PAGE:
Swedish environmentalist and freelance writer living in Perth.
Published May 31st 2012
For me, every second Monday is baking Monday. My partner works FIFO (Fly in fly out) on an 8/6 roster. This means every second Monday morning heīll be going away and every second Monday evening heīll be coming home.
One of these coming home Mondays I decided to bake a cake, because letīs face it - men love cake. He was very happy and being a thoughtful girlfriend the next coming home Monday I made another cake. And that is how it started. I had dug myself a hole of cake expectations. Now I have to bake a cake every second Monday. But itīs alright, I also like cake.
What to do:
Before you start, line a 20 x 30 cm baking tray with baking paper and preheat the oven to 175° C.
I would then recommend to start with preparing the filling and the crumble cover, saving the sponge cake for last as it otherwise might start rising before you have time to get the cake into the oven.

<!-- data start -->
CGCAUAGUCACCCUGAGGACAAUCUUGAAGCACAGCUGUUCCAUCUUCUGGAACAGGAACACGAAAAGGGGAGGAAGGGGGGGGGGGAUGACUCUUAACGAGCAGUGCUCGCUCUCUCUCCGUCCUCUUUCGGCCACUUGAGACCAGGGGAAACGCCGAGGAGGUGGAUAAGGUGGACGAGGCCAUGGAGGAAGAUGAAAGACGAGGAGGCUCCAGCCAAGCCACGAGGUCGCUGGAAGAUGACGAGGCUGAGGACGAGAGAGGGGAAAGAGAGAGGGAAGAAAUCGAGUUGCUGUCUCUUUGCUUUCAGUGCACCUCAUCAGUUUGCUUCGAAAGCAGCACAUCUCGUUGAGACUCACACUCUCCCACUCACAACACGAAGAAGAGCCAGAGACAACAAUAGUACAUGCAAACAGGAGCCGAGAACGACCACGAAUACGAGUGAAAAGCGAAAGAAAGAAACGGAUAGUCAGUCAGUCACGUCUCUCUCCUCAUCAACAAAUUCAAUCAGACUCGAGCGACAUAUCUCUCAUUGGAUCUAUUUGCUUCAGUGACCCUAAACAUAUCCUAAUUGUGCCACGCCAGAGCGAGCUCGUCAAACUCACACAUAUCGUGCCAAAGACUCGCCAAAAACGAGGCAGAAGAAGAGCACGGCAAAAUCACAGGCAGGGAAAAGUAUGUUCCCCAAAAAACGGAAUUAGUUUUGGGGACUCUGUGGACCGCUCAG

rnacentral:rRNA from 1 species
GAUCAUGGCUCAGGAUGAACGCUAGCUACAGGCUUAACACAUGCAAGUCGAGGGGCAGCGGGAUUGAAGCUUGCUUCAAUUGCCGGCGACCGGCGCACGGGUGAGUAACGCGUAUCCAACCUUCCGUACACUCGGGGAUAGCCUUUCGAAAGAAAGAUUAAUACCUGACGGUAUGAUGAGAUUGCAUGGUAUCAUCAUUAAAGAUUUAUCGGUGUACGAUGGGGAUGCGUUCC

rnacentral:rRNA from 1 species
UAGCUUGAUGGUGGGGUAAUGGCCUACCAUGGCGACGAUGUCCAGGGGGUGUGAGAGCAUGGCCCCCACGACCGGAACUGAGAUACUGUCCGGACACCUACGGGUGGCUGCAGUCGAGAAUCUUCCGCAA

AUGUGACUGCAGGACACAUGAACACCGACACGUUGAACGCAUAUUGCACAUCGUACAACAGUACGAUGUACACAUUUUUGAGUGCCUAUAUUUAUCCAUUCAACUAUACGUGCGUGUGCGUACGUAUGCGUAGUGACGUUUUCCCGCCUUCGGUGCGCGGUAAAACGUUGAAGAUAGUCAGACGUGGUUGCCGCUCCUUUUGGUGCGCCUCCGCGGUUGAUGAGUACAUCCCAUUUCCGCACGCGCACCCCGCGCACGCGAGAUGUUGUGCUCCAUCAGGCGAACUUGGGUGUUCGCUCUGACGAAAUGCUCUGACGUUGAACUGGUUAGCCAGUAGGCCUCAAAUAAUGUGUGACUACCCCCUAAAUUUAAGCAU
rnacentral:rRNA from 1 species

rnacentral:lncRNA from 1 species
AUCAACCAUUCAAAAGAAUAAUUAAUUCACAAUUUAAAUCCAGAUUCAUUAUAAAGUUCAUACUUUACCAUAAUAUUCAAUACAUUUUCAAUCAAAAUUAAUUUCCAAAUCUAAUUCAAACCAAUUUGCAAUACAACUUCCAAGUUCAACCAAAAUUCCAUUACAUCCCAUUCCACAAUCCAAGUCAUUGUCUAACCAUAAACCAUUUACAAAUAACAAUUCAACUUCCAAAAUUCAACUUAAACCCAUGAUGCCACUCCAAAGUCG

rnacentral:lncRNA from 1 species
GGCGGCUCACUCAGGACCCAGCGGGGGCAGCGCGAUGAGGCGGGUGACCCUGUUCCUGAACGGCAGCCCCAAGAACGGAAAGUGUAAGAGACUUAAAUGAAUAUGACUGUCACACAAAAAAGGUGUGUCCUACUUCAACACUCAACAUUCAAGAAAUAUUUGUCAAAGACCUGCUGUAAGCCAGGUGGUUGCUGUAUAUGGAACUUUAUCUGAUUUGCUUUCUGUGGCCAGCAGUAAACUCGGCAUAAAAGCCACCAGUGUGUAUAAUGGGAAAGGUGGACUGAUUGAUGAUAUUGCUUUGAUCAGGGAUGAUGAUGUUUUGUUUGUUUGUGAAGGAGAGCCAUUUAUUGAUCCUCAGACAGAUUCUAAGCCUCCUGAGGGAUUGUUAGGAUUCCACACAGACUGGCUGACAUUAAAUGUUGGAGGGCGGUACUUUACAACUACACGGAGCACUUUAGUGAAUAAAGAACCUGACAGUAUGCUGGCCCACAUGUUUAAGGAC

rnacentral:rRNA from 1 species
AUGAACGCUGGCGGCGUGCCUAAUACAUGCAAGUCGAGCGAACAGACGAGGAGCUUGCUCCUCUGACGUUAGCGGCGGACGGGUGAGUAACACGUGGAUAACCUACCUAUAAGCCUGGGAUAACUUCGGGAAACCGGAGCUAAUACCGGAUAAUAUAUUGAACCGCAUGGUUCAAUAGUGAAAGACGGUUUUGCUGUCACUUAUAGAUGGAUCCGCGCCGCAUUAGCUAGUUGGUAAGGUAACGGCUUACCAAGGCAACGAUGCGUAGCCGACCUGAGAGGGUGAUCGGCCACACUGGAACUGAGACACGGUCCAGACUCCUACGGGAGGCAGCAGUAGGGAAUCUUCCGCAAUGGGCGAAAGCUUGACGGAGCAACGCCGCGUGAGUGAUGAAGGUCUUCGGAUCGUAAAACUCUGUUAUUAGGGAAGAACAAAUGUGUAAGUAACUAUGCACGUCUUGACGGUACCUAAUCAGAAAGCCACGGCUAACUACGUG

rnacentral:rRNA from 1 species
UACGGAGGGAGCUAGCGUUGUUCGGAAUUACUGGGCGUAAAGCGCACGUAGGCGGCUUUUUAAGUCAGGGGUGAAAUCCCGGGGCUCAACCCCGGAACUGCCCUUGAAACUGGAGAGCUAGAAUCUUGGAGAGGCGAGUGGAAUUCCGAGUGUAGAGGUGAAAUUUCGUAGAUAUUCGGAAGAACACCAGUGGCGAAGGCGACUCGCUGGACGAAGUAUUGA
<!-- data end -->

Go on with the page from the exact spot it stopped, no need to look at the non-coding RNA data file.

Peel the apples and cut them into smaller pieces. Mix cinnamon and sugar, put the apple pieces into the mix and stir so that the mix attaches to the apple pieces.
Leave while you prepare the other stuff.
Melt the butter. Mix the flour, sugar, oats, vanillin powder and cardamom with the melted butter, making it into a crumbly mixture.
Leave while you prepare the sponge cake.
Melt the butter. Whisk the eggs, sugar, vanillin powder and baking powder to a light mixture using an electric beater.
Add the melted butter and the flour and quickly beat into a smooth mixture.
Okay, would love to try this but your conversion of dl is confusing! Googled conversion of deciliter to cups ... didn't work out at all. Would have been best to have posted this using cups measurements so quite sad coz really wanted to try baking it :-(
I would like to make this cake but your measurements are not clear.
If one cup is 2.5 dl, then how much is 1dl and what is the weight of the dry ingredients? How much is 3 , 5 dl milk? - is it 3 or 5 dl, 3to 5 dl or 3.5 dl.
I have never seen this measurement used in Australia before. We use millilitres & litres for liquids, and grams & kilograms for dry ingredients when baking.
Isn't dl only used for liquids? So found it rather strange after all my years of cooking to see a recipe for dry ingredients in dls.For any out there still wondering, pour the dry ingredients into a jug and then weigh it and keep that for future use.